Reasons to visit New York City in 2017

Photography: Oliver Strand

Breakfast: Daily Provisions

An offshoot of the rebooted Union Square Cafe around the corner, Daily Provisions is the coffee bar or lunch counter you would expect of restaurateur Danny Meyer: intimate, crowded, welcoming, polished. The morning menu is an ode to New York street food, a refined take on the junky stuff found at coffee carts. Order the egg sandwich, a perfect softscramble on a light-as-air bun with cheese and bacon or sausage, and a maple-glazed cruller, a crisp spiral of a doughnut that dissolves in your mouth. Go early. The doughnuts often sell out by 10am.

103 East 19th St, New York

 Red shrimp, sea urchin, caviar and oysters at Flora.

Power lunch: Flora Bar

The Metropolitan Museum of Art took over the former home of the Whitney Museum of American Art, renamed it the Met Breuer (after its architect Marcel Breuer), and brought in chef Ignacio Mattos to turn the restaurant into what is essentially a dressed-up outpost of Estela on the Upper East Side. The combination is electric: the food is odd and delicious (what you'd expect of the creatively counterintuitive chef), the setting a spectacularly stark intersection of concrete, stone and metal - Brutalism at its finest. Gorgeous food, exquisite cocktails and obscure natural wines in an architectural masterpiece: it all comes together
at Flora Bar.

945 Madison Ave, New York

Inside Atla.

Dinner: Atla

Modern Mexican is now a bona fide gastronomic category, but you don't need to know that to recognise the genius of Enrique Olvera, the chef behind Pujol in Mexico City and Cosme in New York. Atla is his newest project, and his most casual, but the food meets his exacting standards. Think delicate chilli relleno stuffed with steak tartare, ayocote-bean "hummus" served with a blue corn chip that looks like a sheet of tissue paper floating in the air, and raw arctic char on a fresh tostada. Sophisticated and flavourful, the cooking will blow your mente. Open for breakfast and lunch, the high-ceilinged room takes on a buzzy energy at dinner.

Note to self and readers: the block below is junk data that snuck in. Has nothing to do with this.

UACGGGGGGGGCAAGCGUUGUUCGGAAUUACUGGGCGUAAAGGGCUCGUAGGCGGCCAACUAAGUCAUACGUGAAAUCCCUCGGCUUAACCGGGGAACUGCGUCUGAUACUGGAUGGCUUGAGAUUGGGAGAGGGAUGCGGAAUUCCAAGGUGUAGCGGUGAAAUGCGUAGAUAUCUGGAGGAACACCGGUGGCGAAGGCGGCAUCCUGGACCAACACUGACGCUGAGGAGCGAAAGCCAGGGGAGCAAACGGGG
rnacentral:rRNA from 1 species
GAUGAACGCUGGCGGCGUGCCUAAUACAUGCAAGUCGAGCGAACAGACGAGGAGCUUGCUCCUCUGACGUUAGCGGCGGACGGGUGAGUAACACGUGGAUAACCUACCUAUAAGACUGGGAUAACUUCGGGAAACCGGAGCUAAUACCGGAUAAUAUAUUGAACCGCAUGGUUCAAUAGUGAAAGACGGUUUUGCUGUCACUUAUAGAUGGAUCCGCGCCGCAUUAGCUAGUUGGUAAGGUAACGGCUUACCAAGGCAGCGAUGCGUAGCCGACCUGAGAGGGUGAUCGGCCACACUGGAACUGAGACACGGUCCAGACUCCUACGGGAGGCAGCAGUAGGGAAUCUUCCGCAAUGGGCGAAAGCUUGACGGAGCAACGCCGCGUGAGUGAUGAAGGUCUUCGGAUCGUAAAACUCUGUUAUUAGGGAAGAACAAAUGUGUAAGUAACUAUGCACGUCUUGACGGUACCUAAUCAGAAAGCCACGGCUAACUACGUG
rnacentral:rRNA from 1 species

372 Lafayette St, New York

Check out our 2016 guide to where to eat in New York

Drinks: Diamond Reef

Time to leave behind the sombre bars of the past era and go out drinking in places that are as loud and as fun as this non-speakeasy. Beached on a desolate stretch of Atlantic Avenue in the Bedford-Stuyvesant neighbourhood, Diamond Reef is boisterous, with wood panelling, comfy stools and a tipsy scrum of cool kids priced out of Williamsburg. It was opened by the team behind Attaboy, and the folk servicing the bar make drinks like mixologists, but act like bartenders.

1057 Atlantic Ave, Brooklyn

Flora Bar.

Sleep: The Whitby

This is a hotel for grown-ups who like to eat and drink in the livelier parts of the city but prefer to sleep it off in a hotel with thick walls and high-thread-count sheets. Close to Central Park and the glossiest stretch of Fifth Avenue - a certain developer-turned-president has a pad at the end of the block - The Whitby couldn't be more centrally located. The light-filled rooms are lavishly decorated, and the bar is an exuberant collage of colours and finishes.

18 West 56th St, New York

Coming soon: Big Apple bites

Not yet here but much anticipated is the first New York project from the team behind Gjusta and Gjelina in Venice Beach, California, at 45 Bond Street in NoHo. They redefined the LA restaurant scene, but can they do it again in a less forgiving city?

Another is the resurfacing of Lee Hanson and Riad Nasr, the New York chefs who turned Balthazar into the most influential brasserie in the world and Minetta Tavern into the best steakhouse in town. Their new restaurant will be French, bien sûr, and located at 241 West Broadway in TriBeCa.







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